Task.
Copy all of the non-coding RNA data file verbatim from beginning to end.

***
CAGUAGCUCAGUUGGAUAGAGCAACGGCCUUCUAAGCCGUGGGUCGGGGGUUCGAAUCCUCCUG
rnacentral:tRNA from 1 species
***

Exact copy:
CAGUAGCUCAGUUGGAUAGAGCAACGGCCUUCUAAGCCGUGGGUCGGGGGUUCGAAUCCUCCUG
rnacentral:tRNA from 1 species